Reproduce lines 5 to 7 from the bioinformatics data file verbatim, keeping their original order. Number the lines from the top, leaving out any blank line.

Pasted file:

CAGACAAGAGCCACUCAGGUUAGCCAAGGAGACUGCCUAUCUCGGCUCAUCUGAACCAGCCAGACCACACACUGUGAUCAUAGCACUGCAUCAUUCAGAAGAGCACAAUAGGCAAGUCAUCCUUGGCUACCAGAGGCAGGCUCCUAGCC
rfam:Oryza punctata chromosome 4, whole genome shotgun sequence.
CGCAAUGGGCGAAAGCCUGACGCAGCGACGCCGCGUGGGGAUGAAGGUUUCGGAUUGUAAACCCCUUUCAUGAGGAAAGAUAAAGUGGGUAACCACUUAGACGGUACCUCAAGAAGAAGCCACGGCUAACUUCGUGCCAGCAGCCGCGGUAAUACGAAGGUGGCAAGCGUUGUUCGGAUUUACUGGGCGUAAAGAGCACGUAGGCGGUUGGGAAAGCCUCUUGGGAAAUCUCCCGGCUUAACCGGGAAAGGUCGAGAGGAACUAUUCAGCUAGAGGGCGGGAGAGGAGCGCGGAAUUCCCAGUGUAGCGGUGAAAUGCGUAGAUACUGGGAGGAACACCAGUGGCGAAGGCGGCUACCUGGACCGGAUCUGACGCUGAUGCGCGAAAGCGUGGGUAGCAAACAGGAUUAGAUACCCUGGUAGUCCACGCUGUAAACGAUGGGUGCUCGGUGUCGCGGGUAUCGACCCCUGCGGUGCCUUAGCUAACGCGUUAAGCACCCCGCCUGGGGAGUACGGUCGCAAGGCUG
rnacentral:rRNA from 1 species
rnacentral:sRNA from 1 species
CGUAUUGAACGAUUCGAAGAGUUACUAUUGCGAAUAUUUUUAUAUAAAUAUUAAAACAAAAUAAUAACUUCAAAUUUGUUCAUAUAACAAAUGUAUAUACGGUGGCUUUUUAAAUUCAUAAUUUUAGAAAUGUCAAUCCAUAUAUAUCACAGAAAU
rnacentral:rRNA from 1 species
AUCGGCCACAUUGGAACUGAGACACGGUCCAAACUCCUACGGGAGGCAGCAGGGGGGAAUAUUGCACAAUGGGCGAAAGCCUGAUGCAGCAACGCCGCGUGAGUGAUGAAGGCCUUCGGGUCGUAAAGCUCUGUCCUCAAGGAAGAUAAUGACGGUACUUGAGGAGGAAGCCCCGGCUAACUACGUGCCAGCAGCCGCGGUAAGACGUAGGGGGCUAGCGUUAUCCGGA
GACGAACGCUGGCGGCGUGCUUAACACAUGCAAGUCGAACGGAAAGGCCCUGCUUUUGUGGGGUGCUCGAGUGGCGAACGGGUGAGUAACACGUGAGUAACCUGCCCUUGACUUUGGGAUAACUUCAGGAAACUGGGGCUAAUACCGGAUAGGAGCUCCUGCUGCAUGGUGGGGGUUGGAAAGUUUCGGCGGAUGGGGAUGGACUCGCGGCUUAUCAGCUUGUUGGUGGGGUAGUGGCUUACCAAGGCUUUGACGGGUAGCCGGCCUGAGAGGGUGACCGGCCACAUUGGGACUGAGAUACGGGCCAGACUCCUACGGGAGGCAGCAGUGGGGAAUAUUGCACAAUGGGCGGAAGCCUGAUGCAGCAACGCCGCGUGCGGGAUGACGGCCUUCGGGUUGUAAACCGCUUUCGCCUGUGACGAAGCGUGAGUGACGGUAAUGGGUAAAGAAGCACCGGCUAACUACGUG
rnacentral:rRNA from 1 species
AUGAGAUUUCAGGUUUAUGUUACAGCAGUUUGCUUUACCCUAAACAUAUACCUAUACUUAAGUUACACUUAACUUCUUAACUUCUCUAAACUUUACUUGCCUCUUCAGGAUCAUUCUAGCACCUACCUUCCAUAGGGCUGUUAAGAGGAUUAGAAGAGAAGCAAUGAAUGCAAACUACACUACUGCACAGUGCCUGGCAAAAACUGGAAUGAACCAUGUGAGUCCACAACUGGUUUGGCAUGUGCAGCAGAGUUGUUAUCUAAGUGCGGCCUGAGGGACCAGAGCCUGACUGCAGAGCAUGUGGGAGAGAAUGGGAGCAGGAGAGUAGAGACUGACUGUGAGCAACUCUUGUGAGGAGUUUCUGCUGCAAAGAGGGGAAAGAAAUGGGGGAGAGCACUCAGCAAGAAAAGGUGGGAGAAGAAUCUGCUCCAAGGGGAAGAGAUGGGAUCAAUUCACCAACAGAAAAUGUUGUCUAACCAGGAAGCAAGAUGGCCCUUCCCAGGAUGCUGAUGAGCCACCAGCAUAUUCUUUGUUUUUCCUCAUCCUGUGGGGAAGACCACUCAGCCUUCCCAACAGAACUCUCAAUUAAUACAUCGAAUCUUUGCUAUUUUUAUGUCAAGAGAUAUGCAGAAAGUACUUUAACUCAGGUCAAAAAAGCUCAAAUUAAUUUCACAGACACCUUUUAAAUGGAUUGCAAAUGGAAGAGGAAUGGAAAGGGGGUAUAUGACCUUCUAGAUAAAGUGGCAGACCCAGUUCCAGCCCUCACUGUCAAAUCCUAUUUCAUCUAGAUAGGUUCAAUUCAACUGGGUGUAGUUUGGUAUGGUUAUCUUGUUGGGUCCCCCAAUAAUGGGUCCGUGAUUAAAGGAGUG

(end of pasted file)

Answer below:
rnacentral:sRNA from 1 species
CGUAUUGAACGAUUCGAAGAGUUACUAUUGCGAAUAUUUUUAUAUAAAUAUUAAAACAAAAUAAUAACUUCAAAUUUGUUCAUAUAACAAAUGUAUAUACGGUGGCUUUUUAAAUUCAUAAUUUUAGAAAUGUCAAUCCAUAUAUAUCACAGAAAU
rnacentral:rRNA from 1 species